One of the funniest – yet unintentional – ironies I’ve heard of in recent years was the time a local ‘peace action group’ were charged with possession of unlicensed firearms. That’s right. Apparently, in order to stop human violence it was necessary to fight and kill. It always intrigues me how easily a cause or … More When intolerance trumps reason
I made some lifetime friends when I was at Napier’s Tamatea High School in the late 1970s. I caught up with one of them a week or two back and had a bit of a chat about those days, a time when ‘the word’ was ‘Grease’ and few knew that Becker and Fagan had named … More ‘Half of you will pass’: my old high school’s pre-exam morale booster
Today I thought I’d mention something about the array of things that interest me. To me, everything I get interested in is part of an exploration of what is amazing and wonderful about the world around us. My interests include everything from trying to understand the human condition, through to physics, music, history – including … More A few things about me
A little while ago I heard a story about someone who’d built up an online craft business, largely through social media. The person booked a holiday to a distant destination and, online, described their pleasure at looking forward to visiting what to them was an ‘exotic’ location. That, it seemed, drew the ire of somebody … More Are lynching mobs a general human thing?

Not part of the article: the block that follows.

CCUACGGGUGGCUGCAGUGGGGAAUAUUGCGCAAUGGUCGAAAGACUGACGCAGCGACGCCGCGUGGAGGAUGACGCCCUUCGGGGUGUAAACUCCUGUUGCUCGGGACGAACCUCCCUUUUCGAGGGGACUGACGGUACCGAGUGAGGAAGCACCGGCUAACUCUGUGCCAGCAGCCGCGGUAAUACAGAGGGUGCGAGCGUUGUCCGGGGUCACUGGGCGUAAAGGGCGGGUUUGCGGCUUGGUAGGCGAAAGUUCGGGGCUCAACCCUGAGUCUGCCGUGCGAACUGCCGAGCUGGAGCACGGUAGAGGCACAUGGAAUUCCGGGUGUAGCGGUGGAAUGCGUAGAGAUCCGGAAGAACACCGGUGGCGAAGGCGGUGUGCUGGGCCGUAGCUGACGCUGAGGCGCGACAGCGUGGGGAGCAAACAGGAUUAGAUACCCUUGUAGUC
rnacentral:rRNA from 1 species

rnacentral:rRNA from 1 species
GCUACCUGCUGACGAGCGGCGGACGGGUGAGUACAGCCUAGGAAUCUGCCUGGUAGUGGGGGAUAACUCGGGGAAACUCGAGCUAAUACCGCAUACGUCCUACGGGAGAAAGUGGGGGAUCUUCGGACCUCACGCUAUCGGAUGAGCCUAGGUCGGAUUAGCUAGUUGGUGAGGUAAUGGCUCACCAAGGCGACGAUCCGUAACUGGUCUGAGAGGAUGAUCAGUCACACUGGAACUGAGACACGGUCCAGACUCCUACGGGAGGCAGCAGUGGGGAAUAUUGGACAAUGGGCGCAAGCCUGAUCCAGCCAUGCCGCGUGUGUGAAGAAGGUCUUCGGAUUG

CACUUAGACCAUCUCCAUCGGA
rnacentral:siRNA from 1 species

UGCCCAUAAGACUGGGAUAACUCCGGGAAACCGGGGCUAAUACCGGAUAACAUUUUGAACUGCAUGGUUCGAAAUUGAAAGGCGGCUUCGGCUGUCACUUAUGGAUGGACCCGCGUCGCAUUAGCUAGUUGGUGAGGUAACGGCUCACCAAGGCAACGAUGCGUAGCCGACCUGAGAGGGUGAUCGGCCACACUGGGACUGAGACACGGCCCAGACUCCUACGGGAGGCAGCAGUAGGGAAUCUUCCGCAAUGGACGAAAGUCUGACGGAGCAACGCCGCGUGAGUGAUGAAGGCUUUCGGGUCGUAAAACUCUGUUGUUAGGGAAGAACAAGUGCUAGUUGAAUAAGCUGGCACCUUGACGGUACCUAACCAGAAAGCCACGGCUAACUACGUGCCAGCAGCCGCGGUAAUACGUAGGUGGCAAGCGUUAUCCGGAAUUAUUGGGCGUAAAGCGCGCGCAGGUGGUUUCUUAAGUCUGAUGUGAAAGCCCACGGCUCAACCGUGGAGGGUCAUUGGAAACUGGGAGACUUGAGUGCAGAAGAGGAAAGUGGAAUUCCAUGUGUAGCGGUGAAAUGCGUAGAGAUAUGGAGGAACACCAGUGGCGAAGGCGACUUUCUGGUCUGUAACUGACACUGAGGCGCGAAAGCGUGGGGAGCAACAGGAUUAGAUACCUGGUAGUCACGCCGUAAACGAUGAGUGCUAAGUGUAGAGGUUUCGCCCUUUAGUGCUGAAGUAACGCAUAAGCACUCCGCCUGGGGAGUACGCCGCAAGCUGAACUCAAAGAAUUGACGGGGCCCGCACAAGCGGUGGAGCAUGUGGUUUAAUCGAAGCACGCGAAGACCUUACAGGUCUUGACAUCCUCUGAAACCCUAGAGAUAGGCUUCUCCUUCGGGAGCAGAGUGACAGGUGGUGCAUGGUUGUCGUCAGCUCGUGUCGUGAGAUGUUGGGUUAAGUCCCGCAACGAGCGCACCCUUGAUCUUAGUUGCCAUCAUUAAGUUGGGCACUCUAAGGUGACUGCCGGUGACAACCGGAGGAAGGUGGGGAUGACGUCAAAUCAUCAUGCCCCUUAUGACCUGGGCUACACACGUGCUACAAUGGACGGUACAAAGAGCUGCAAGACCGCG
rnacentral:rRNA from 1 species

I am always intrigued with people, particularly the way they can show different aspects of themselves. A while back I was discussing the local writing field with somebody and a third person’s name came up. ‘He’s a really nice guy,’ my friend said. I begged to differ: I knew him only as a stranger who’d … More How we all see different aspects of the same people
One of the biggest logic traps humans fall into – which I see time and again in all kinds of places – is the false dichotomy fallacy. We are conditioned into it: the idea that the terms of discussion presented to us are the sole terms available. We therefore argue over whether one, or the … More Nature versus nurture: the problems of binary thinking
When I was a kid, proper musicians were defined as those qualified in and able to play ‘classical’ music, meaning stuff written in Europe from about the time of Bach through to the early twentieth century, after which music ceased (apparently) to require any competence or talent on the part of composer or performer. All … More If I don’t like it, the artist is stupid… right?